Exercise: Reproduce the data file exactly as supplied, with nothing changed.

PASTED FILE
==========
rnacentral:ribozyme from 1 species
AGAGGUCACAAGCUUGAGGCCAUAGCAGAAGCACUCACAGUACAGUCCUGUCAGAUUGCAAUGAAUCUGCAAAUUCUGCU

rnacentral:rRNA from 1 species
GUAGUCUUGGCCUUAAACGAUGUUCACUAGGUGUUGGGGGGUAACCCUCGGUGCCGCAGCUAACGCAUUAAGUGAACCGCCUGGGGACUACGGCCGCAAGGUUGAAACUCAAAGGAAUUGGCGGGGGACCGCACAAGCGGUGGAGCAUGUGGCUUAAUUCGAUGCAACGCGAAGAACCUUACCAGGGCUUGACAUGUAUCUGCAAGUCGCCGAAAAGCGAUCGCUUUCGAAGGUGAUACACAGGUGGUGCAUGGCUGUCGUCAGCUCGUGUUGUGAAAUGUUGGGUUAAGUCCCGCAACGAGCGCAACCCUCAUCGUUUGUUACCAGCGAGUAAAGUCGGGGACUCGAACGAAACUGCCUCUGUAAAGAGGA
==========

rnacentral:ribozyme from 1 species
AGAGGUCACAAGCUUGAGGCCAUAGCAGAAGCACUCACAGUACAGUCCUGUCAGAUUGCAAUGAAUCUGCAAAUUCUGCU

rnacentral:rRNA from 1 species
GUAGUCUUGGCCUUAAACGAUGUUCACUAGGUGUUGGGGGGUAACCCUCGGUGCCGCAGCUAACGCAUUAAGUGAACCGCCUGGGGACUACGGCCGCAAGGUUGAAACUCAAAGGAAUUGGCGGGGGACCGCACAAGCGGUGGAGCAUGUGGCUUAAUUCGAUGCAACGCGAAGAACCUUACCAGGGCUUGACAUGUAUCUGCAAGUCGCCGAAAAGCGAUCGCUUUCGAAGGUGAUACACAGGUGGUGCAUGGCUGUCGUCAGCUCGUGUUGUGAAAUGUUGGGUUAAGUCCCGCAACGAGCGCAACCCUCAUCGUUUGUUACCAGCGAGUAAAGUCGGGGACUCGAACGAAACUGCCUCUGUAAAGAGGA